Fable 2 was a game I was quick to pick up when it came out. Peter Molyneux designs some very fun games and even if they don’t always live up to his promises they do always push game design forward. Fable 2 is no exception in this and brings together both simple story design with new tries at innovating the moral game design. Add in some innovative use of a trusted dog companion and a great concept in environmental change based on decisions and you have a fun game. Since I played this game they have added two DLC pieces which I will comment on as well.
Fable 2 starts you off with some decent control of your character design. As the game progresses you can add tattoos, change hair styles, color of hair, and your wardrobe. All of these changes have an effect on your interaction with other people and the comments they will give you. These interactions will also affect your good vs evil and purity vs corruption which are your moral compasses through out the game. Your character ultimately comes down to the decisions you make and based off those decisions your character will be shaped and grow.
Besides clothing and material appearance changes you will find that your diet will also affect your character’s appearance as will skill choices. Eating meat and pies will make you fatter and some will make you more corrupt. Eating vegetables and tofu will make you skinnier and purer. Simple mechanic but effective. Skills work in changing your appearance with strength based skills bulking you up and magic making you glow more with magical veins.
Going good vs evil shapes your appearance and your reputation, as does purity vs corruption. People tend to like good characters and will talk with you. My first play through I went all good and pure. I ended up with a halo over my head and could walk through town with no problem. My second play through everyone but quest giving NPC’s ran in fear of me because I went evil and corruption. I ended up with horns and red skin. It would seem that the world of Fable frowns on mass murderers who sacrifice entire towns to the Temple of Shadows.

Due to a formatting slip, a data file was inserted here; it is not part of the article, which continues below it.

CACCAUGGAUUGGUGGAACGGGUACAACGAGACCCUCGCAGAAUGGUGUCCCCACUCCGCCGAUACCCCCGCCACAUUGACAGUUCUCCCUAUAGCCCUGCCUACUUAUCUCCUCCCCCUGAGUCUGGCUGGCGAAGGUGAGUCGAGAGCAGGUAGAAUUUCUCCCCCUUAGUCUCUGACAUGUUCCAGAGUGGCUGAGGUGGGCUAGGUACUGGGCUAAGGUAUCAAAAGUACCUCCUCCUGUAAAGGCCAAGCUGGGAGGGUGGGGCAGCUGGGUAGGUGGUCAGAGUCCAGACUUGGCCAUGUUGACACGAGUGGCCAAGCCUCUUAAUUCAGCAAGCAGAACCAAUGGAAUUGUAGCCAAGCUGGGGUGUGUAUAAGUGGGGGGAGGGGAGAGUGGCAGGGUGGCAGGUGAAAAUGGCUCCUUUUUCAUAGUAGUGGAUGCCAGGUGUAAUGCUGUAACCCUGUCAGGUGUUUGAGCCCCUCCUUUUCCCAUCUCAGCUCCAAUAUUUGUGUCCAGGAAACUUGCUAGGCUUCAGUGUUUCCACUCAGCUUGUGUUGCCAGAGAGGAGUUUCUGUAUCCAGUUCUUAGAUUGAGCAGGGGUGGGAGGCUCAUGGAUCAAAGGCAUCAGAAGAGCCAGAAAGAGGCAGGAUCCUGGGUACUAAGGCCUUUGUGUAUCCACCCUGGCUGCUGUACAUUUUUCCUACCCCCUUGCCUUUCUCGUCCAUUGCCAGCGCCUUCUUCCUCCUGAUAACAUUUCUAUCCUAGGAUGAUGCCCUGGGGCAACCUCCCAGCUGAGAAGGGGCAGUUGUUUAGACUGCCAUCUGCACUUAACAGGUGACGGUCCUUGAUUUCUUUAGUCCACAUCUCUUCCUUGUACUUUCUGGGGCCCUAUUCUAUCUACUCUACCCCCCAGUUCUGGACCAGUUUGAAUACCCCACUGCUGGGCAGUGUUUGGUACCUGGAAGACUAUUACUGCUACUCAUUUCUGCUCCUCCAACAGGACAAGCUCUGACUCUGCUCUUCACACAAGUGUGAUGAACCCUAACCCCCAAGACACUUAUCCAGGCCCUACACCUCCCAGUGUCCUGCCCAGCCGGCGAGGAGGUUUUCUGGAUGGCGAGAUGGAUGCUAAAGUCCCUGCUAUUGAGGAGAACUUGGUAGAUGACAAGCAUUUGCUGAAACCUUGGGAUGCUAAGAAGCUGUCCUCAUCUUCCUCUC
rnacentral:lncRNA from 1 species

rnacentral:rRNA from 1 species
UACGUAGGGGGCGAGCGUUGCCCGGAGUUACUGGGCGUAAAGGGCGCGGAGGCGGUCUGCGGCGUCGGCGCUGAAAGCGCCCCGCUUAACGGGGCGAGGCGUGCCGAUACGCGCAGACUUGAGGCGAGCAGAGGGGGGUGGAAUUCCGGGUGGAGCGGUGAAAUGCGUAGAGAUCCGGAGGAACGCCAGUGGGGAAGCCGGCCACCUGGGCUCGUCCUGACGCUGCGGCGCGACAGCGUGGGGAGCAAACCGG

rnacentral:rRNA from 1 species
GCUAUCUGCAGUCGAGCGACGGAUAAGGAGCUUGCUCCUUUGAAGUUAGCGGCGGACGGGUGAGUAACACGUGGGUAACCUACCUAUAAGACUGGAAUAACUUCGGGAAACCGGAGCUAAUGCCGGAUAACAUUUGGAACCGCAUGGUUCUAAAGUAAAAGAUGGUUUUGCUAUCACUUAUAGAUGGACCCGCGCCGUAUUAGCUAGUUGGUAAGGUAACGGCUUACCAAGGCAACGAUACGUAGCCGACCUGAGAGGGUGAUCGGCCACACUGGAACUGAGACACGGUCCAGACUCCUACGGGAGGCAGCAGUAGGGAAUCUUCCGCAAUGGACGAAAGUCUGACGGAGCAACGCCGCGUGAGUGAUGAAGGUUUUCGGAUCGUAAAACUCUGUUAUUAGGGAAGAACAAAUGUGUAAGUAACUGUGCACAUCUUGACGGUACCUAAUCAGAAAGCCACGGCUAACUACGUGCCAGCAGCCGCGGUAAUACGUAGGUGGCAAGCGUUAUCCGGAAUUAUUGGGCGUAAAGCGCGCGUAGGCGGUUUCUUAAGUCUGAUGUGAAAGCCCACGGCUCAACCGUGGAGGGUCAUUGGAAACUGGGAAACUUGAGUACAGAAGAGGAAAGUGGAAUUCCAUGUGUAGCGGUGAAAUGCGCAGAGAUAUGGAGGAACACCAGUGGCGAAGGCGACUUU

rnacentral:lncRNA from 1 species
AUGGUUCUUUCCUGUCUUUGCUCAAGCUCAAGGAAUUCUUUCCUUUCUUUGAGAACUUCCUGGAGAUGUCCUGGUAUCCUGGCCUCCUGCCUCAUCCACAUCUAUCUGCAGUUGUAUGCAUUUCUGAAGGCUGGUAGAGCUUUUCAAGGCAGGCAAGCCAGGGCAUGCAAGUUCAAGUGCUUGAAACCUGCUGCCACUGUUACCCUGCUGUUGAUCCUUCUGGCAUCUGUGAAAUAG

The game presents you with many opportunities to do the right or wrong thing. For the most part the world doesn’t really care. Yes guards will punish you and like my second play through the peasants will run in fear but it is still simple AI. The peasants with red hair aren’t wearing kerchiefs to cover their hair because my character is known for killing them. That would be a real accomplishment and sort of what I remember being promised back in Fable 1. Still the game takes us closer in this direction than most games do and I can appreciate that. I also appreciate that other than running peasants the game doesn’t try to make you feel guilty for the horrible things you do.
As far as the story goes it is a decent one of a hero/villain who has to save the world. You do so with the aid of other gathered heroes in a very linear fashion. Fable 2 tries to give the illusion of an open world that you can explore and do the story in your own time but that is a lie. It gates your movement by forcing you to do certain activities before moving forward. Now it does so in a logical format and chances are the average player will be fooled by this seemingly open world but if you break away from the story long enough you realize you are forced to progress at the speed of the story and not your own will. Along with a decent story is funny dialogue and good voice over work. The dialogue is a little cheeky at times but can be forgiven.